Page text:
A “Conversation” with the market

Completely unlike manufacturing, Vietnamese businesses need to seriously improve the ability to converse with their consumers. Such ability is built upon this formula: Market research + design + communication.

Being a world leading exporter of furniture, Vietnam has in many years enjoyed a two-digit growth rate.

Removing the hurdles of OEM

Similar to textile and footwear industries, Vietnam’s furniture has all the strengths to become a competent supplier in the global market. However, viewed from last year’s level of decline, the same industry has been suffering the serious impacts caused by shortage of order. The buyers control the input and output, therefore they control the cash flow. Upon any negative sign, manufacturers would automatically divert the orders to minimise the damages caused. Instead, they are passive with both their plan, investment on machinery, stockpiling material, or hiring labourers…

This passive state might also lead to the risk of being unsustainable, since the business can be easily replaced when the buyers can locate better pricing partners. The easiest example being green consumption trends which currently pose an array of hurdles such as eco-certification and country of origin. Businesses that cannot comply will quickly be eliminated because this change requires a large investment and cannot be carried out overnight.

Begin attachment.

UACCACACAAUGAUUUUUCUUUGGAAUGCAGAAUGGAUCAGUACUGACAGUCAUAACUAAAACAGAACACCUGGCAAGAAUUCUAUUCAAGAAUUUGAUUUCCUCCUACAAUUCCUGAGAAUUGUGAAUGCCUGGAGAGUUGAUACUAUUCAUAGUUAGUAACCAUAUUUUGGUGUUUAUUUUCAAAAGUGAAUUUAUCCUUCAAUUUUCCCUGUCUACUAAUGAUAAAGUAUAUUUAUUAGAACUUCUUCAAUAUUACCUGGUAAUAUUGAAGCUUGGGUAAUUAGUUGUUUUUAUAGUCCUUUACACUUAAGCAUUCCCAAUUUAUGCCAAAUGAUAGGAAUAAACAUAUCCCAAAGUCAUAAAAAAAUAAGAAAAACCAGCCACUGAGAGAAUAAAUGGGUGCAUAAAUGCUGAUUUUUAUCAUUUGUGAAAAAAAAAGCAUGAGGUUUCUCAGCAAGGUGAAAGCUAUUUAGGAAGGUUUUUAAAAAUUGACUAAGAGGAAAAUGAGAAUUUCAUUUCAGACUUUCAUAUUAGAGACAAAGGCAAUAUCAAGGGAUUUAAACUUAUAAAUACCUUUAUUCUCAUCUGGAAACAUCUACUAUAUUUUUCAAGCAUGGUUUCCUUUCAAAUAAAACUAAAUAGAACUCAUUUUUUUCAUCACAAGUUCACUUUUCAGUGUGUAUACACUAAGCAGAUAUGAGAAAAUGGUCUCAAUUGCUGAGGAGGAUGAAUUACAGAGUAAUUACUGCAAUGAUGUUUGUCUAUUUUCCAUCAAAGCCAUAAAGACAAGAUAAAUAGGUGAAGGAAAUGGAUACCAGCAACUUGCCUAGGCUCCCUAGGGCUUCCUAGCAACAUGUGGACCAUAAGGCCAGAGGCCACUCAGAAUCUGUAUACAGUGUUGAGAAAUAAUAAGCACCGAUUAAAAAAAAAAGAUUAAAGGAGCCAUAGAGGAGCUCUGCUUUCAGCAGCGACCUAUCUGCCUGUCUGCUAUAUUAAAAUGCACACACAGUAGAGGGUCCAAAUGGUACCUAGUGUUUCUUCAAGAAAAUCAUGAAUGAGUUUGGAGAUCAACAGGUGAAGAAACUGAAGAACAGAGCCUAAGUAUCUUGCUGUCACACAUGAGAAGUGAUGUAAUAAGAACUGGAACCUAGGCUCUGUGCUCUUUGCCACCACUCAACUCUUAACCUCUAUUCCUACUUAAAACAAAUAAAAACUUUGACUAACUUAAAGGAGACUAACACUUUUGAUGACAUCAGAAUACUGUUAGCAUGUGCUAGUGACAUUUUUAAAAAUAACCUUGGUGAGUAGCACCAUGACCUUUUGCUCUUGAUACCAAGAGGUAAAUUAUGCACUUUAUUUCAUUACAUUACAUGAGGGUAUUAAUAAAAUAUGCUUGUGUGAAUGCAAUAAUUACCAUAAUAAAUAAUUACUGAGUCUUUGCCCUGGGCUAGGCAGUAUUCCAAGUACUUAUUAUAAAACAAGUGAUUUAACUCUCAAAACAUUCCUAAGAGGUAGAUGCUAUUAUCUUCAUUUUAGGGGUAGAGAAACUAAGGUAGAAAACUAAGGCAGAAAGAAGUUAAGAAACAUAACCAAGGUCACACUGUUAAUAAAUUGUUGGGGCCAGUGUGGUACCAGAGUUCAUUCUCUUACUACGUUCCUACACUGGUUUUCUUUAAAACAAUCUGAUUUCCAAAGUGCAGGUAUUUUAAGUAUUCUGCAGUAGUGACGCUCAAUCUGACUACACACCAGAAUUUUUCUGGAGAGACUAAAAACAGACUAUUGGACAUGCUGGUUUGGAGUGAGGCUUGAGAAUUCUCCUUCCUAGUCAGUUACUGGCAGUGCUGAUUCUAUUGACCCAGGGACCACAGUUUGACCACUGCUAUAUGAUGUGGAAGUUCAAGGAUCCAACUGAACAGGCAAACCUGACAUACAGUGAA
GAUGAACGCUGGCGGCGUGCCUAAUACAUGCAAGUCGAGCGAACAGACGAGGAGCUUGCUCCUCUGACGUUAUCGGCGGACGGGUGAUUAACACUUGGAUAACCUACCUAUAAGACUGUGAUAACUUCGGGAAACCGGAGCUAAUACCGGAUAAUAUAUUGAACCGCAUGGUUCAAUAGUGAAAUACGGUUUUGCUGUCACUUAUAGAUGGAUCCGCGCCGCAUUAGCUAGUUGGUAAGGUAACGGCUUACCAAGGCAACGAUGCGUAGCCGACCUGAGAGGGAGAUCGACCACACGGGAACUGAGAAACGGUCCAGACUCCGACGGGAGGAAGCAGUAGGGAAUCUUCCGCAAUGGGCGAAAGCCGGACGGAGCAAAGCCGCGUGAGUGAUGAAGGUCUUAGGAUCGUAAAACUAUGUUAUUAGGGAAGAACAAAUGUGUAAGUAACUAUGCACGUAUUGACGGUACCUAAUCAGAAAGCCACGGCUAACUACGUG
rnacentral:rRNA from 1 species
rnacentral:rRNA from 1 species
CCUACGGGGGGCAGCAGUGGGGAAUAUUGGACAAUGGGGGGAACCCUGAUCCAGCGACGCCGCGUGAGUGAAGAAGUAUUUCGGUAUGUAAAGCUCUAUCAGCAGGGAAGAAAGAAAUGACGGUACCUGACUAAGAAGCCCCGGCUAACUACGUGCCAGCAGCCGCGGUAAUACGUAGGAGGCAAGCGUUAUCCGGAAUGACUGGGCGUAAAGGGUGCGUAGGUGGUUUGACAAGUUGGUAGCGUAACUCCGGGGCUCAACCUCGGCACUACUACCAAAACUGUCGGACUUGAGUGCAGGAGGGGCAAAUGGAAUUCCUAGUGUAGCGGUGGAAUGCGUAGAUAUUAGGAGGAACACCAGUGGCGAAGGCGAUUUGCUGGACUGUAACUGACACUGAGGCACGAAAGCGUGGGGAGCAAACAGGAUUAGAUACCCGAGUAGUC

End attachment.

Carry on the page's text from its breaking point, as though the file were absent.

We have to acknowledge that outsourcing has been a necessary phase for Vietnamese businesses to survive and gain their current positions. Over the last 30 years, they have accumulated adequate strengths as well as potential to access the higher values in the supply chains. But it is time they changed, and those who can change will break through.

Unlike production, Vietnamese businesses have not been able to accumulate the competency for product development. The competency for design must first come from a market understanding in order to develop suitable products. Of no less importance is the shortage of marketing competency amongst the local businesses in Vietnam. Supplying products for OEMs is entirely different from convincing millions of global customers to buy your products. If we are not able to “converse” with them, how can trust be built, or connection established?